“Thor: Ragnarok” overcomes the narrative lows with its sense of adventure and steady sense of pacing. I wish the trailers didn’t spoil all of the shocking parts of the movie, but what can you do? The grand scale makes you feel like you’re watching a movie with gods in it. One can only wonder why it took them three tries to get it right. Either way, today’s film should not be missed, especially if you need a break from that mountain of textbooks.

Thor: Ragnarok gets Guy’s Guru Grade of a B.

‘Blade Runner 2049’ is a pretty-looking film with one terrible ending

*The second review I did for The Examiner.  I’m not particularly fond of this one.  I didn’t even include a paragraph about Philip K. Dick’s great influence as a writer!  Anyway, here you are.*

If movies were only judged based on visual presentation, then today’s review would be nothing more than 500 words of, “go see this movie right now.”  Unfortunately, there is a certain thing about “Blade Runner 2049” which needed more work; the story.

Directed by Denis Villeneuve (“Arrival”) and written by Hampton Fancher and Michael Green, “Blade Runner 2049” is a direct sequel to Ridley Scott’s 1983 film, “Blade Runner.”  The movie follows ‘K’ (Ryan Gosling), a new blade runner, special police officers that hunt down rogue replicants, who discovers a deeply-hidden secret about the history of the replicants (the “race” of androids made of organic matter designed for specific services).  Both films are adaptations of Philip K. Dick’s famous novel, “Do Androids Dream of Electric Sheep?”

There is little else I can reveal about the plot without giving away anything vital.  Well, anything the trailers haven’t already spoiled (they definitely should have not revealed Harrison Ford’s involvement).  In any case, this movie does require a lot of patience from its audience, which is good.  “Blade Runner 2049” is not the fun, action-packed, “Star Wars” type of science fiction that typically dominates the genre.  However, when a filmmaker chooses to tell this type of story, one that is very visual and quiet, taking its time to develop the world and characters, there simply must be an excellent payoff at the end.  “Blade Runner 2049” does not have that payoff.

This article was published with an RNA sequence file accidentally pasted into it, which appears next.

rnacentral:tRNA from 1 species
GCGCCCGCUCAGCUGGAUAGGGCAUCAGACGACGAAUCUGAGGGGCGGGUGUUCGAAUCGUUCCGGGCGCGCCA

What makes this critical storytelling error even more disappointing is that the first two acts are amazing.  The set design, Roger Deakins’ gorgeous camerawork, colors, and the music blend together to create a beautiful spectacle that completely made me forget I was watching a movie.  Ryan Gosling is also excellent.  He gives a largely emotionless performance (which is necessary within the context of the story), and there are a few choice scenes that showcase his abilities as an actor.  Because of this, ‘K’ is one of the most sympathetic movie heroes of all time.  The audience watches him search endlessly for the truth, as well as how it affects his philosophy.  It’s the kind of head-scratching stuff you’d find in a “Matrix” film.

The movie falls short once the third act begins.  In addition to an underdeveloped villain, the final 40 minutes drops a “big reveal” which makes a good chunk of the first two acts completely unnecessary.  In a nearly three-hour-long film, the worst thing the film can do is waste the viewer’s time.  Imagine nearly graduating, but right before the semester ends, it is announced that all graduating seniors need to re-take their generals.  It makes no sense, infuriates everyone, has little point, and turns what should have been a great ending into a waste of time.